U.S. News & World Report is doubling down on its profitable online consumer health-care business, hiring an experienced Web executive and expanding its coverage in hopes it can ride Obamacare’s economic coattails.
President Obama recently compared buying health insurance to buying an airplane ticket, a kayak or a television on Amazon.com. And the Georgetown-based online media company, known for its “news you can use” and its “best of” lists on colleges, hospitals and professional schools, has formed a new health-care products team designed to help consumers get information on health exchanges and private insurers crucial to the health-care law.
The 80-year-old U.S. News is hoping to use the expanded health section to build on revenue streams such as its “best of” badges, which the company licenses to hospitals, medical centers, nursing homes and other institutions. Hospitals, colleges and financial institutions pay anywhere from a few hundred dollars to more than $20,000 to license the “best of” badge, which accounts for 15 percent of the media company’s estimated total revenue of $40 million.
U.S. News Editor Brian Kelly is betting that the company’s health Web site, which he says gets 3 million visitors a month, can more than triple its monthly visitors to 10 million — and bring advertising revenue with it.
“It’s all about the growing need for people to have good information about their own health care,” Kelly said. “Like it or not, folks will have to become educated health consumers.”
Kelly said he plans to expand the online magazine’s Medicare Advantage site this month. Its insurance information site has a state-by-state guide to Obamacare.
“Our health coverage, which is profitable, is so big that it is almost like a separate company,” he said. With its various federal agencies and growing array of private companies, Washington is becoming the center for health-care information.
The company, under the ownership of real estate mogul Mort Zuckerman, scraps for new revenue sources as the traditional business-advertising model is being decimated by the digital revolution.
The company appointed Dan Wilmer to the new role of vice president and general manager of Healthcare Products. He was at the health media company Everyday Health for three years, where he oversaw a portfolio of diet and fitness sites and mobile apps.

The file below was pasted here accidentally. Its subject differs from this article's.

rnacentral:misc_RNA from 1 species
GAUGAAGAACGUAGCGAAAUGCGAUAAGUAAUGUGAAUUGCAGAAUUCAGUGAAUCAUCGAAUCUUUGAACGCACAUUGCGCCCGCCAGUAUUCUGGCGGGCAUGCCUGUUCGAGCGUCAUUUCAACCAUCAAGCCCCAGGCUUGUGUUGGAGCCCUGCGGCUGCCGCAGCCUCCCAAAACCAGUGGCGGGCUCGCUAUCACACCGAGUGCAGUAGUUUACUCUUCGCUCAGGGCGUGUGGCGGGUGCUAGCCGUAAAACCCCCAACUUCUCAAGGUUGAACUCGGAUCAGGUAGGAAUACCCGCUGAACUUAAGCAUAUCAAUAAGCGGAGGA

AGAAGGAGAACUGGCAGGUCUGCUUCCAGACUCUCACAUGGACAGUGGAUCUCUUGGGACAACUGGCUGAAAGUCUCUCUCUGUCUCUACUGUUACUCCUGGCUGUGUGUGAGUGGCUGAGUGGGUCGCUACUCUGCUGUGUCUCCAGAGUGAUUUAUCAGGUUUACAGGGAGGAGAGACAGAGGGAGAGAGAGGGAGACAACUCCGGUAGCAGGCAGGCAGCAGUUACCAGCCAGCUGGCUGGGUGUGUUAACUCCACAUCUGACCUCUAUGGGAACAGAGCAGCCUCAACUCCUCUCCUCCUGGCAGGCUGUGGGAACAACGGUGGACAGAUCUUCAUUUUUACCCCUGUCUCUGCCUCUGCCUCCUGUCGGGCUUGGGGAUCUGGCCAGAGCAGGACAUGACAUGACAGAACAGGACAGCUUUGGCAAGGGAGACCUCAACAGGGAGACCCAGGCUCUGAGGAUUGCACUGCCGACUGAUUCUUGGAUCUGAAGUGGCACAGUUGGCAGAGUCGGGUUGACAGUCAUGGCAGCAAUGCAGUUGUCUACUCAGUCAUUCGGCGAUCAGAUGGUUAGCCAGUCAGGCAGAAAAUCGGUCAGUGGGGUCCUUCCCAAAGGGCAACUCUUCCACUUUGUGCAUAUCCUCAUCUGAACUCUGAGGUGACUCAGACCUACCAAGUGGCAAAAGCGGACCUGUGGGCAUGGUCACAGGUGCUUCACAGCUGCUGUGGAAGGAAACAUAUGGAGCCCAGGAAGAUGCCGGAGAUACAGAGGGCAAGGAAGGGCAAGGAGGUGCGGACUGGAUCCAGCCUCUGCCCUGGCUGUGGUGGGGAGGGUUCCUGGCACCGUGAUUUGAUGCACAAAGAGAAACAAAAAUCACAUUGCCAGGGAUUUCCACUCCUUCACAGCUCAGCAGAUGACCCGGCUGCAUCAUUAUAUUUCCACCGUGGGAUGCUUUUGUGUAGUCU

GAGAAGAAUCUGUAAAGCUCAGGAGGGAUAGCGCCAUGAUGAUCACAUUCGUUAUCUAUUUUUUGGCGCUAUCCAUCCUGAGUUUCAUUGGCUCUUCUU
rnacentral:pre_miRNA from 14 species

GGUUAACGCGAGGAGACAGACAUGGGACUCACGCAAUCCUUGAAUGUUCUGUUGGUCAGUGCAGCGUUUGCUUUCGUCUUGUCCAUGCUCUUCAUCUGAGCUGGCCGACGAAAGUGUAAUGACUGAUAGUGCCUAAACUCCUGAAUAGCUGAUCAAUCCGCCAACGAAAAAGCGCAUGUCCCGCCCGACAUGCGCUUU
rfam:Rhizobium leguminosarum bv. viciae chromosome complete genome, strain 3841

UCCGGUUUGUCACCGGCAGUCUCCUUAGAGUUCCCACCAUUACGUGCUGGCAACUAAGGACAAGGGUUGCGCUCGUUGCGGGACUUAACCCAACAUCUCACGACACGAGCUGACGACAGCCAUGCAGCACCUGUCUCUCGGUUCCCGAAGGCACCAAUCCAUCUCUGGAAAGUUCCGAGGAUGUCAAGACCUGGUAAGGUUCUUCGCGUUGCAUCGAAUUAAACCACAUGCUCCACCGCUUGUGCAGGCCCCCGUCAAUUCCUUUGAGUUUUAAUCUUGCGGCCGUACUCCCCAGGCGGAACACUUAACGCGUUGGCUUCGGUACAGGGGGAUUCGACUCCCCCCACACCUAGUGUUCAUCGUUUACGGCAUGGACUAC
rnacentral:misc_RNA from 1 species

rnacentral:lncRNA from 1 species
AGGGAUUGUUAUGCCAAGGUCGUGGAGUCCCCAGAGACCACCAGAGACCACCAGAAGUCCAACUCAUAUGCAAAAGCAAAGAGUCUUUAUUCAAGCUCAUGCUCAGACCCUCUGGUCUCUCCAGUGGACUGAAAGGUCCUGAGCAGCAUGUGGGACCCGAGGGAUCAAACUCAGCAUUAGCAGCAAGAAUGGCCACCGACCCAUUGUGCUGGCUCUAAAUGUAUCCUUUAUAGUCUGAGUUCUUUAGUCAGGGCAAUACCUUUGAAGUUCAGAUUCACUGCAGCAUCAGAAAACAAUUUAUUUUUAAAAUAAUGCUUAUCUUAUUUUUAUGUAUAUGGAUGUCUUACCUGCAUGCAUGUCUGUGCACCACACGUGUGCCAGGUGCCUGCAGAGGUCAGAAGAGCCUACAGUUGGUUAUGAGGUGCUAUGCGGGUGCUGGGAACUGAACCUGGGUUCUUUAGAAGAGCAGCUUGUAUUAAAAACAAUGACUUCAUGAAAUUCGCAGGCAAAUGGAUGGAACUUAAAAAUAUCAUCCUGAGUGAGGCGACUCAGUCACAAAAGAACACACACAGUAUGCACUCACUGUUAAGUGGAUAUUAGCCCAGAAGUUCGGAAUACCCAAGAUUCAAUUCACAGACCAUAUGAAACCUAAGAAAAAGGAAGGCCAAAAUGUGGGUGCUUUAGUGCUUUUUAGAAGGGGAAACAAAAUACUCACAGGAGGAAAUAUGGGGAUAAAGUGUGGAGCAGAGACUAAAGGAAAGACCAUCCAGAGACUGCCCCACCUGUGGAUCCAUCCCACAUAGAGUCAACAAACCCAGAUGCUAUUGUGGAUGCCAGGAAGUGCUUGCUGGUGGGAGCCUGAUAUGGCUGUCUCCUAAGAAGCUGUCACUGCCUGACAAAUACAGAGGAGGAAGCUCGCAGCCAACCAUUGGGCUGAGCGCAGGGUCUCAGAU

Wilmer will work with U.S. News journalists to expand its health-care advice section, which covers hospitals, health insurance, nursing homes and physicians. U.S. News has 26 lists on nursing homes alone.
“I am charged with building out features and functionality, building traffic and building revenue,” Wilmer said. “What we’re going to do is marry up a bunch of the stuff that U.S. News has been doing for the past 25 years with their best hospital rankings and some of the newer rankings and analysis products, like the best health insurance plans.”
Wilmer said in recent years that the government is making more health-care information available from private and public companies. That new data help people make better health care decisions, Wilmer said.
The company is also expanding its events business, beginning with an annual STEM Solutions conference in 2012. U.S. News will add the Hospital of Tomorrow conference next month.
U.S. News, which ceased its print edition in December 2010, began its lists in 1983 with its ranking of the nation’s best colleges. The magazine followed it up with lists of the best law schools, business schools and hospitals. The company has been able to stay alive while other print publications have fallen by the wayside. Newsweek, for example, once owned by The Washington Post Co., has been sold twice since 2010 and is now owned by IBT Media.
This week, The Washington Post flagship completed the sale of its newspaper to Amazon founder Jeff Bezos. And earlier this year, locally owned media empire Allbritton Communications sold its eight broadcasting properties for nearly $1 billion. Allbritton is investing heavily in digital media, including the political Web site Politico.
U.S. News employs 150 journalists, staffers and producers at its Georgetown offices. There are an additional 40 or so employees on the business side.
The company is believed to turn a profit of between $5 million to $10 million, according to sources.
There’s still the subscriber-only U.S. News & World Report weekly magazine, which is heavy on Washington news, gossip and political analysis, as well as offering health and financial policy and “news you can use.” The edition includes a weekly quiz, pro and con debates on issues, and a commentary by Zuckerman.